Intravenous therapy (IV)
Intravenous therapy (IV) is a treatment in which a fluid substance or solution is directly administered into the vein of the patient. It is a medical therapy of intravenous infusions that help send controlled quantity of medication into the bloodstream over time. Basically, these infusions are used to meet short-term needs for example; IV therapy is used during surgery to give pain medications, antibiotics, and nausea medications. Even during pregnancy, IV infusions are provided to make sure the mother and the child receive the necessary nutrients and fluids for staying healthy.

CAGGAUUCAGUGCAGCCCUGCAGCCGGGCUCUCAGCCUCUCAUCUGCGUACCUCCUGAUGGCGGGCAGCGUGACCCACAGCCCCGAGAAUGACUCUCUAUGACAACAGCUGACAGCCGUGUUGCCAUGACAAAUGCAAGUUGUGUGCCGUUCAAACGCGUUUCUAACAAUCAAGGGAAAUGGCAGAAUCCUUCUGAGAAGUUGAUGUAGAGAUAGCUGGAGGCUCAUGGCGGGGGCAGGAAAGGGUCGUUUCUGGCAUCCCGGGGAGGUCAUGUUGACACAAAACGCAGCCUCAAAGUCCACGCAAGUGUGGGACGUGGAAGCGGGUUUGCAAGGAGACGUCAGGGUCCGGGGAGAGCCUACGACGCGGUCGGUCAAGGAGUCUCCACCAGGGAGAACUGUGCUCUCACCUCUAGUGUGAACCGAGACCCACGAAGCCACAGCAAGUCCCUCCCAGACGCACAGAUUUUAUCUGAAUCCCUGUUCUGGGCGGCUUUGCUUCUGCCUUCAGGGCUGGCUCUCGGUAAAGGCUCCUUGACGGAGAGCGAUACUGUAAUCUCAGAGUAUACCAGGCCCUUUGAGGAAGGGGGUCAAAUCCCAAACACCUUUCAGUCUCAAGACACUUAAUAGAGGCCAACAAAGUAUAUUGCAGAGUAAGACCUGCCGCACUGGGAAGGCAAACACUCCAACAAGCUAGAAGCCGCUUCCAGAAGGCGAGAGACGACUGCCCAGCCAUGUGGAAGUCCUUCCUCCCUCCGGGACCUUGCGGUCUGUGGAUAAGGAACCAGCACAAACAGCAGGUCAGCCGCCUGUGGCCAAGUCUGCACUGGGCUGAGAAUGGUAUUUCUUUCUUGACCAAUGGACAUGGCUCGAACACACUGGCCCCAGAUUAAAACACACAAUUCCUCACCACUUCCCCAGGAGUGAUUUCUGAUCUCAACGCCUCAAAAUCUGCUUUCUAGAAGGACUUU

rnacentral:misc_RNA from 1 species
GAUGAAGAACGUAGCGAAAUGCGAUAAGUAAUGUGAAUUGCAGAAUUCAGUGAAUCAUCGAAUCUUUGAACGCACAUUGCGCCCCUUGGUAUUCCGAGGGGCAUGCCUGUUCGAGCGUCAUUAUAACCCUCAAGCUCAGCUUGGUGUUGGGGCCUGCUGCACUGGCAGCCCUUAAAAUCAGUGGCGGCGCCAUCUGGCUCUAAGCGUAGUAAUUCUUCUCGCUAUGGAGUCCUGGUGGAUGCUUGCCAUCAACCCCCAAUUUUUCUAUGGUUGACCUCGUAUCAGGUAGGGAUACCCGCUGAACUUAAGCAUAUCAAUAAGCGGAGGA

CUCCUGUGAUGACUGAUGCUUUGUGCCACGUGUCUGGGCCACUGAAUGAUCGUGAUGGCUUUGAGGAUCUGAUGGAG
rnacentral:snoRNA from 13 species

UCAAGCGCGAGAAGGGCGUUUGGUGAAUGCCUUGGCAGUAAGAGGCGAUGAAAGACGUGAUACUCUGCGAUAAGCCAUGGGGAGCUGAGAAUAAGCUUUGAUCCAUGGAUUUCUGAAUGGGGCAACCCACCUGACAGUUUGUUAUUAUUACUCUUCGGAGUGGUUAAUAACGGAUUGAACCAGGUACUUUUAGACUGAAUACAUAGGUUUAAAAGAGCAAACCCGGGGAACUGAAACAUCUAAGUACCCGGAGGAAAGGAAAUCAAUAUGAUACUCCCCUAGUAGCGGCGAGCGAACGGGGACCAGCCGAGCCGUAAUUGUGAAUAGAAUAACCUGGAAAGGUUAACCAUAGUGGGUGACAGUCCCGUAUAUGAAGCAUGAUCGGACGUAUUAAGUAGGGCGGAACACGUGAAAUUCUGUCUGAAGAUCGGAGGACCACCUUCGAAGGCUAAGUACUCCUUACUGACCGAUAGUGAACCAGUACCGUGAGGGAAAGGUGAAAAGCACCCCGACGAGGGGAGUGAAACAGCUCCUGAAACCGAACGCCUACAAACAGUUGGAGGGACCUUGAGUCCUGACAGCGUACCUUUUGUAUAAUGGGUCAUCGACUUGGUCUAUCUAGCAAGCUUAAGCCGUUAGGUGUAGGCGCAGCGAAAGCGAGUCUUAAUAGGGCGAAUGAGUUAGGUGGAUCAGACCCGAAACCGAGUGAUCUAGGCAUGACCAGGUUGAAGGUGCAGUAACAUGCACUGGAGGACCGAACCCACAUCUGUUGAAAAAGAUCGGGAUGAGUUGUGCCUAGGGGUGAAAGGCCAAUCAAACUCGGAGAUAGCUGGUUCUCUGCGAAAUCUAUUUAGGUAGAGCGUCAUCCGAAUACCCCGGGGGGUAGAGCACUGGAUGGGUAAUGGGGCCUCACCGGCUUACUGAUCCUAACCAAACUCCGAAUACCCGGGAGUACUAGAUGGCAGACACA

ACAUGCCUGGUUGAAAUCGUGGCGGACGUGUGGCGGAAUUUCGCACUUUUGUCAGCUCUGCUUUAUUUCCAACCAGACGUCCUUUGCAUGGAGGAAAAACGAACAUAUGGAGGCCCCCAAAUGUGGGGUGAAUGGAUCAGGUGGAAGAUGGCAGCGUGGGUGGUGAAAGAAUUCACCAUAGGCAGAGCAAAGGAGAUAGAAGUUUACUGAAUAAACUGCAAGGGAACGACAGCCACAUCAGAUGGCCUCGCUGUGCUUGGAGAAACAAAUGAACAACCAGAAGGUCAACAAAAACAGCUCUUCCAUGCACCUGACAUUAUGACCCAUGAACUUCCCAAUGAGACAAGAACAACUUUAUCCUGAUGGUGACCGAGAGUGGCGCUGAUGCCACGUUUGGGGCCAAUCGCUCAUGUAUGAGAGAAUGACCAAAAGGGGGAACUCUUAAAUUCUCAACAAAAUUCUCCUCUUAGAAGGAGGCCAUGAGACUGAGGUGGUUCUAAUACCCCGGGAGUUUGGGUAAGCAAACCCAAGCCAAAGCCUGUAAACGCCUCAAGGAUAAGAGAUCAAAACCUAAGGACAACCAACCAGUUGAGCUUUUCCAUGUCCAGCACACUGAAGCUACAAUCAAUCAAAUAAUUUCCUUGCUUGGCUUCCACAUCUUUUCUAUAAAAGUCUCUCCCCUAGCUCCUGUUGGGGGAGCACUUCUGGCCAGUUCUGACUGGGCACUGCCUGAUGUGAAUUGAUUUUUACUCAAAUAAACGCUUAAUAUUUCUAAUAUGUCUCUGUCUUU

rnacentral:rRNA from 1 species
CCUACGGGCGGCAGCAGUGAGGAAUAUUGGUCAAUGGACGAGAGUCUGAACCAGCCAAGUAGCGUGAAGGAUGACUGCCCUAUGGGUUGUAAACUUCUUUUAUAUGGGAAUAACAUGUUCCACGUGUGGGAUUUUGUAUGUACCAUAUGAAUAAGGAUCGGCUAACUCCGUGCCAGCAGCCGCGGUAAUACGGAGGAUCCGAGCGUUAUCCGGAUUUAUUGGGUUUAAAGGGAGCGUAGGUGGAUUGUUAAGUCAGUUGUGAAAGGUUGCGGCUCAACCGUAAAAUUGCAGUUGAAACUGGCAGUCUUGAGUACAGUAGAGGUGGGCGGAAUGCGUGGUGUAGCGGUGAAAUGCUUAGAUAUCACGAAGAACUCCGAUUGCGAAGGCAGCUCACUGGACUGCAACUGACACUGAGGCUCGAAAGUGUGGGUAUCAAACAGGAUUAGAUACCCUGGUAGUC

There are mainly three types of IV therapy that are used to administer fluids, to provide drugs, or to infuse solution drip into the blood. This therapy helps in controlling over dosage of medicine that may otherwise lead to severe consequences. In emergencies such as stroke, heart attack, etc. the patient may require immediate medication. Oral intake of pills or liquids may be difficult in such situations and can delay the process of delivering drugs into the bloodstream. IV therapy can assist in addressing those situations by enabling controlled but quick infusions.